Iraq’s government and powerful Iranian-backed militias question the United States’ resolve in fighting ISIS militants, alleging the U.S.-led coalition’s airstrikes are ineffective. Besides, after the 2003 U.S. invasion that toppled Saddam Hussein, subsequent civil war and the Western coalition’s withdrawal, few expected to see the American military return in any form.
“I believe that [Russia] can do what the Americans could not,” said Ali Hussein Al-Obaidi, a 42-year-old who owns a mini-supermarket in Baghdad.
“The Russians are serious in fighting terrorism in Syria and Iraq because they know exactly the danger behind these terrorists,” he added. “If Russia leaves the terrorists free … they will go in the future to Russia and cause trouble.”…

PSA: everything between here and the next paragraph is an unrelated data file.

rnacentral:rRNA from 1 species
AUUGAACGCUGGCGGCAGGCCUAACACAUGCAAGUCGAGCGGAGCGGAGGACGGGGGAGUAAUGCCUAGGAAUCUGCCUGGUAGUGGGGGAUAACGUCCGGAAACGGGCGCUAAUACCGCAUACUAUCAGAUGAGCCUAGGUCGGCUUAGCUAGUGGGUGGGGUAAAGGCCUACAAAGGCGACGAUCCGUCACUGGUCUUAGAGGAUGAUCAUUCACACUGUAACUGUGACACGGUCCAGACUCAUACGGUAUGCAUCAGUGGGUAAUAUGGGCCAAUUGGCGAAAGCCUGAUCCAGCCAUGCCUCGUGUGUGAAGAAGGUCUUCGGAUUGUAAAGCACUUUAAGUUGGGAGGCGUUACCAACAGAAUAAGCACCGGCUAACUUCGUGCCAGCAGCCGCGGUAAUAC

Like Shiites, many Sunnis find ISIS repellent, and would also support a Russian intervention despite having “their own concerns about it,” Al-Abyadh added.
According to Hussam Abdullah Mohammed, a Sunni secondary school teacher in Baghdad who would support Russian bombing, this apprehensiveness stems from “the role of Iran [which is] supporting the Assad regime [in Syria].”
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